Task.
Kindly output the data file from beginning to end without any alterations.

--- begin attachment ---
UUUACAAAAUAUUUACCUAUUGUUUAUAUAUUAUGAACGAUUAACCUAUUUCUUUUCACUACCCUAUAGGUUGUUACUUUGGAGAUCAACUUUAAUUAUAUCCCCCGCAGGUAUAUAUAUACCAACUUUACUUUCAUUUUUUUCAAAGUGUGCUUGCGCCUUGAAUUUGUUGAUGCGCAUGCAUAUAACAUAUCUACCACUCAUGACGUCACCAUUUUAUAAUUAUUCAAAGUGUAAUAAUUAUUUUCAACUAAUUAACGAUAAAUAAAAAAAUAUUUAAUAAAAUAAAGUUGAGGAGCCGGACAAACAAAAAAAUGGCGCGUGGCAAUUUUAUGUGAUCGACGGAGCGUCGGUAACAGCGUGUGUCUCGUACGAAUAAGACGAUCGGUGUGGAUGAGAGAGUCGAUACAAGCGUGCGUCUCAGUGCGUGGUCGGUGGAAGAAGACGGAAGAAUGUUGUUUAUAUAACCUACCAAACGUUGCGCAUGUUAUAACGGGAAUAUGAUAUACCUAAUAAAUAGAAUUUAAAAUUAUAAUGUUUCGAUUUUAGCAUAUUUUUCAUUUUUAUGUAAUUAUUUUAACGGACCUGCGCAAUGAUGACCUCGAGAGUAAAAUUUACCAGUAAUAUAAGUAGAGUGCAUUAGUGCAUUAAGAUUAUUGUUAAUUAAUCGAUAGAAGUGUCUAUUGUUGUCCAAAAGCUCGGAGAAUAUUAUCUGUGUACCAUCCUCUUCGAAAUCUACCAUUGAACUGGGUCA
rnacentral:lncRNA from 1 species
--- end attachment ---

UUUACAAAAUAUUUACCUAUUGUUUAUAUAUUAUGAACGAUUAACCUAUUUCUUUUCACUACCCUAUAGGUUGUUACUUUGGAGAUCAACUUUAAUUAUAUCCCCCGCAGGUAUAUAUAUACCAACUUUACUUUCAUUUUUUUCAAAGUGUGCUUGCGCCUUGAAUUUGUUGAUGCGCAUGCAUAUAACAUAUCUACCACUCAUGACGUCACCAUUUUAUAAUUAUUCAAAGUGUAAUAAUUAUUUUCAACUAAUUAACGAUAAAUAAAAAAAUAUUUAAUAAAAUAAAGUUGAGGAGCCGGACAAACAAAAAAAUGGCGCGUGGCAAUUUUAUGUGAUCGACGGAGCGUCGGUAACAGCGUGUGUCUCGUACGAAUAAGACGAUCGGUGUGGAUGAGAGAGUCGAUACAAGCGUGCGUCUCAGUGCGUGGUCGGUGGAAGAAGACGGAAGAAUGUUGUUUAUAUAACCUACCAAACGUUGCGCAUGUUAUAACGGGAAUAUGAUAUACCUAAUAAAUAGAAUUUAAAAUUAUAAUGUUUCGAUUUUAGCAUAUUUUUCAUUUUUAUGUAAUUAUUUUAACGGACCUGCGCAAUGAUGACCUCGAGAGUAAAAUUUACCAGUAAUAUAAGUAGAGUGCAUUAGUGCAUUAAGAUUAUUGUUAAUUAAUCGAUAGAAGUGUCUAUUGUUGUCCAAAAGCUCGGAGAAUAUUAUCUGUGUACCAUCCUCUUCGAAAUCUACCAUUGAACUGGGUCA
rnacentral:lncRNA from 1 species